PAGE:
Monday Morning MD: Stop with the concussion politics

Everyone needs to stop taking sides and protecting their own interests. The NFL, team owners, Congress, NIH, concussion researchers, movie makers, medicine in general, players, coaches and media are all at fault here. Controversy was re-ignited and politics further injected recently when a congressional report criticized the NFL and their doctors. The goal should be to prevent concussions and find a cure for chronic traumatic encephalopathy (CTE), not playing politics of the blame/credit game. The NFL is wrong to play politics and deny funding for a $16 million Boston University study that was selected on merit by the National Institute of Health (NIH). Obviously the league has not yet learned from its past mistakes and being slow to react to the concussion issue. Team owners are wrong for continuing to shoot from the hip and deny links to CTE. Jerry Jones calls it “absurd” and Jim Irsay compares the risk of football to that of taking aspirin. Congress is wrong for making it a Democratic committee issue. CTE is not a partisan disease. What impartiality does a report have that harshly criticizes and singles out a “NFL doctor” when it never attempted to reach out to or speak to that physician before publishing findings? The National Institute of Health (NIH) is wrong to allow the NFL to call their $30 million grant unrestricted with “no strings attached”. In reality, the league retained “veto power”. The prestigious NIH should have never allowed itself to be manipulated that way or accept conditional monies. Concussion researchers are wrong for taking sides by becoming paid experts in concussion litigation. The different camps are wrong in pressuring families to donate to one group over another and for not sharing the brain tissue to verify findings. Movie makers are wrong for perpetuating the lies of the self-serving claims of one man that he discovered CTE. The reality is the degenerative brain disorder was first described in the 1920’s. I do applaud the awareness the Concussion movie brought to the issue but the truth would have done the same trick. The medical community in general is wrong for being slow to provide definitive care for head injury. Diagnosis is inexact and there is no proven medication or treatment. There is even disagreement on cognitive rest versus controlled brain stimulation after concussion. Players are wrong for not taking care of their own. In the much publicized Case Keenum incident, watching the film shows two of his offensive lineman clearly see their QB stagger and fall down as they try to help him up, yet neither directs him to the sideline or calls for medical attention. Coaches are wrong for downplaying concussions as mild or blaming the media. The “back when I played” philosophy just doesn’t work. Media is wrong for feeding the hysteria. Labeling members of the Head, Neck and Spine Committee as “NFL” doctors is an exaggeration. They should always point out most are tenured professors at prestigious universities that receive no pay from the league for their committee service. Also the media mantra of “a concussion is a concussion” is a disservice as medicine will indeed categorize severity and type one day. We need answers, not politics or self-serving stances. Let’s all work to a concussion solution and not worry about who gets the blame or the credit. MMMD 1: CTE happens outside of football This is not a political item. This is stating fact about an issue that is very personal to me. BMX legend Dave Mirra died four months ago and has been independently diagnosed by multiple centers to have CTE, the first action sports athlete to have the confirmed diagnosis. Clearly CTE is a societal problem that extends beyond football. It is an issue that affects me deeply as Dave is the fourth former professional athlete friend to have committed suicide. I attended and spoke at his celebration of life and hope to never have to do that again for anyone else. MMMD 2: Aqib Talib shot While details are still sketchy about the circumstances of the Dallas nightclub shooting, the medical information is clear that the Broncos cornerback will make a full recovery. The gunshot wound did not damage any major arteries (presumably no nerves) or ligaments. However, it was significant enough to warrant an overnight stay at the hospital but no surgery was required. Do not expect Talib to participate in minicamp or the rest of the offseason program, but he should be good to go for the start of training camp. How do clubs get their medical information so quickly when it is not even known how he was shot? The team medical staff is usually asked to get involved early and speak to treating physicians. During my 17-year Charger career, I was asked to immediately intervene and obtain medical information on two shootings of players, Terrence Kiel and Steve Foley. This is just one of many circumstances where the team physician’s job is not what the public thinks it is. MMMD 3: First round rookie injury ups and downs Jalen Ramsey received double good news. His meniscus tear did not require a repair with longer recovery and was not related to his previous reported microfracture surgery. Josh Doctson has an Achilles issue and minor foot injury and will be held out of practice for now. Hopefully this is all precautionary for the Redskins. Technically, Dante Fowler, Jr. (ACL), Kevin White (tibial stress fracture) and Breshad Perriman (PCL) are not rookies but all three missed their inaugural season. These three first round “rookies” are all on track to make a strong 2016 debut. MMMD 4: Offseason injury survival All 32 teams have injuries already. In my experience, half of teams will have a significant loss that affects the season. This offseason is not proving to be any different. Titans OL Byron Bell (ankle fracture/dislocation), Lions TE Tim Wright (ACL), Ravens CB Jumal Rolle (Achilles) and Jaguars DE Jonathon Woodward (Achilles) are among the few that are out for the season. Bengals TE Tyler Eifert (ankle), Bills DE Shaq Lawson (shoulder) and Cowboys DT Maliek Collins (fifth metatarsal) and among the many that have had surgery that could effect the upcoming season. Despite the current CBA with limited offseason work, the injuries will continue to pile up this summer. MMMD 5: Happy National Cancer Survivor Day Certainly Eric Berry and his family celebrated the occasion this Sunday. The Chiefs safety beat Hodgkin’s lymphoma and has returned to play football. Another less famous NFL player, David Quessenberry, has not been so lucky yet. The Texans offensive tackle has battled non-Hodgkin’s lymphoma since 2014. He was declared in remission last year and had regained the 30 pounds he lost. This week he was placed on the non-football injury list (NFI) and will not play this season. He missed the last two season to cancer and now will miss a third. If he returns, it would be unprecedented, as he will have missed four NFL seasons (first one due to ankle injury). The bigger hope is the NFI status doesn’t mean there is recurrence of cancer. MMMD 6: Stolen laptop is a big deal We are not talking team espionage here. This is not Spygate, but it is a much bigger deal. The theft of a Redskins athletic trainer’s laptop occurred during Combine medical rechecks. This surely meant that the medical records of over 300 potential draft picks were exposed. Also potentially at risk were previous Combine and team medical records as well as potentially thousands of NFL players as the league has moved to electronic medical records. The good news is that there is no indication that any medical records were accessed. The bad news is the laptop was password protected but not encrypted as required by federal HIPAA law. The Redskins could face significant fines and punishment. There is also a requirement to notify all players whose records were potentially compromised. I am sure the league has circulated a memo reminding all clubs that encryption is mandatory to avoid the risk of hefty federal fines. MMMD 7: ProFootballDoc scorecard When news of Jalen Ramsey’s meniscus tear broke, I surmised that the procedure would be a simple menisectomy (trimming) and not a repair that affects his coming season. This opinion was not based on video (as there was none), but simply my orthopedic and NFL team physician background of knowing common injury patterns. Fortunately for the Jaguars, the simpler arthroscopic surgery will have Ramsey back well before training camp. The better long-term news is the meniscus tear was in a different area of the knee than the previous high school surgery, meaning there shouldn’t be recurring problems. This takes the previous 2016 6-0 record to 7-0.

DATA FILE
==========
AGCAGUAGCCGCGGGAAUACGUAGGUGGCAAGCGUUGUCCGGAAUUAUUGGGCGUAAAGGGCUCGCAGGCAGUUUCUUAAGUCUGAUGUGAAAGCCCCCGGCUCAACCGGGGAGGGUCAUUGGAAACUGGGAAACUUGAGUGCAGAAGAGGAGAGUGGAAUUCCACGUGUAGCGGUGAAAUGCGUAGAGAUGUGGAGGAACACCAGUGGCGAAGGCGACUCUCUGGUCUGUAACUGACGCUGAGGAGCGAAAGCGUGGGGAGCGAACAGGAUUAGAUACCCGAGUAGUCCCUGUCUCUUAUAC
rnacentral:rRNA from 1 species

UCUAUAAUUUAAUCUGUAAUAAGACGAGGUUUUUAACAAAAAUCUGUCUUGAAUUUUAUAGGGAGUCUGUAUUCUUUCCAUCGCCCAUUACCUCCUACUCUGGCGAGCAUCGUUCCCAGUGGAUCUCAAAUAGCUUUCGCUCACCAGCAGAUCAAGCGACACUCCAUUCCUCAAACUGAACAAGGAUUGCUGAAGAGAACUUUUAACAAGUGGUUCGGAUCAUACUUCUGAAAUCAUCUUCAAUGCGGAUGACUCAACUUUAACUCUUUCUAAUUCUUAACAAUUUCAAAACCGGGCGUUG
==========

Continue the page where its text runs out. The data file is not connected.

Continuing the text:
Dr. David Chao
Two decades of NFL team physician experience including two Super Bowls and two Pro Bowls. Providing unique perspective to injuries and the NFL sideline/locker room. Successful orthopedic surgery and sports medicine practice in Southern California.